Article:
Bank of America Merrill Lynch wealth management executive John Thiel's new plan to restructure the firm’s U.S. wealth management business should help the firm better serve and acquire high net worth and instituional clients, according to at least one analyst.

In the memo obtained by On Wall Street Wednesday, Thiel, who was promoted to head of U.S. wealth management and private banking and investments group in April, outlined a new structure including 11 new regional markets.

The new structure aims to better address clients’ needs and reduce management layers. The move echoes efforts to streamline Bank of America’s management ranks earlier this month that sent Thiel’s former boss and top wealth management executive Sallie Krawcheck from the firm.

Thiel’s decision to shuffle the regional markets, which will include both U.S. wealth management and private banking and investments, comes after months of “extensive conversations with clients, advisors and leaders,” Thiel said in his memo. The group previously had four national divisions.

“It enables us to take a closer look at the real needs of clients across the wealth spectrum and give them whatever they need to reach their goals -- taking full advantage of what it means to be a part of Merrill Lynch and Bank of America,” Thiel said in the memo.

Less Layers To Jump

Financial services research firm Aite Group’s Research Director Alois Pirker heard the news from Thiel first hand on Wednesday in a meeting in New York. Thiel was enthusiastic about the moves, Pirker said, which he said had been in the works for months.

Thiel, who was selected by Krawcheck to also serve as head of U.S. wealth management five months ago, came up through the ranks after having served as a financial advisor. The new appointments with the restructuring also come from a financial advisor background, which should be “well received” within the organization, Pirker said.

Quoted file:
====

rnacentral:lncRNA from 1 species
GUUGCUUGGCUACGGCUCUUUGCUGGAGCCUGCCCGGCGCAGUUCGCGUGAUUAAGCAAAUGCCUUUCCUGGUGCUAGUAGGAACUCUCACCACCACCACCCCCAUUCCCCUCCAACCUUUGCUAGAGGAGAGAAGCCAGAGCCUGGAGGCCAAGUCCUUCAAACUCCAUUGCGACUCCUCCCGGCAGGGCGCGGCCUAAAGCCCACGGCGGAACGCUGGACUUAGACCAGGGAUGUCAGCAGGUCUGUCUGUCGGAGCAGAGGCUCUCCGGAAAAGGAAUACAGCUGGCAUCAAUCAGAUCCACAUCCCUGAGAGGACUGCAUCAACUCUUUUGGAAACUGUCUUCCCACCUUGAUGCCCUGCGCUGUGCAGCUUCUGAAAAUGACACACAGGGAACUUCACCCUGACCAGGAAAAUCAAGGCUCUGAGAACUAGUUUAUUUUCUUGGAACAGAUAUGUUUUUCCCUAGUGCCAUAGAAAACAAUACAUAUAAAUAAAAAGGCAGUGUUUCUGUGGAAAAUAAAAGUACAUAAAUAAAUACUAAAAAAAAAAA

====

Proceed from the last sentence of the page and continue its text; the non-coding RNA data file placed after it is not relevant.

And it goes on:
The move also brings Thiel closer to the wealth management business, Pirker said, and closer to clients in certain demographics by clearly defining them. One of the primary goals mentioned in Thiel’s memo is tailoring strategies to affluent, ultra high net worth and institutional clients.

Bank of America Merrill Lynch will define those affluent clients as those with $250,000 to $10 million, and the ultra high net worth with more than $10 million, the memo said.

The sharpened leadership hierarchy can also pay off beyond lean times by allowing a big company to be nimble, according to Pirker.

“Clearly the markets are moving very fast these days, and having a very direct line to the field, not having multiple layers to jump, is something that pays off,” Pirker said, citing Google Inc. as an example. “We’ve seen that in various fields.”

New Structure, New Roles

With the new structure, each of the 11 markets will be led by one executive that will oversee the firm’s work with affluent, ultra high net worth and institutional clients in that region. That executive will report to Thiel, who will continue to oversee the financial performance of both the U.S. wealth management and private banking and investment units.

The 11 new market leaders include: Brett Bernard, for the mid East region; Chris Dupuy, Pacific Northwest; Linda Houston, New England; Paul Lambert, mid America; Bill Lorenz, mid Atlantic; Jeff Markham, Greater Texas; Sabina McCarthy, New York City metro; Don Plaus, south Atlantic; Jeff Ransdell, Southeast; Jodi Rolland, heartland; and Chandler Root, southwest.

At the same time, Riley Etheridge will assume the newly-created role of head of client solutions and segments, also reporting to Thiel. In that role, Etheridge will lead the operating strategy development and client segment plans. Etheridge currently serves as private banking and investments group region executive for the metropolitan and mid-atlantic regions.

In his new role, Etheridge now has four executives reporting to him. They include: Bill Cholawa, head of capacity and initiative management; Tedd Durkin, head of affluent client solutions; Scott Hotham, head of institutional client solutions; and Phil Sieg, head of ultra high net worth client solutions.

Thiel also announced in his memo that Western Division Director Greg Franks has decided to retire from the firm.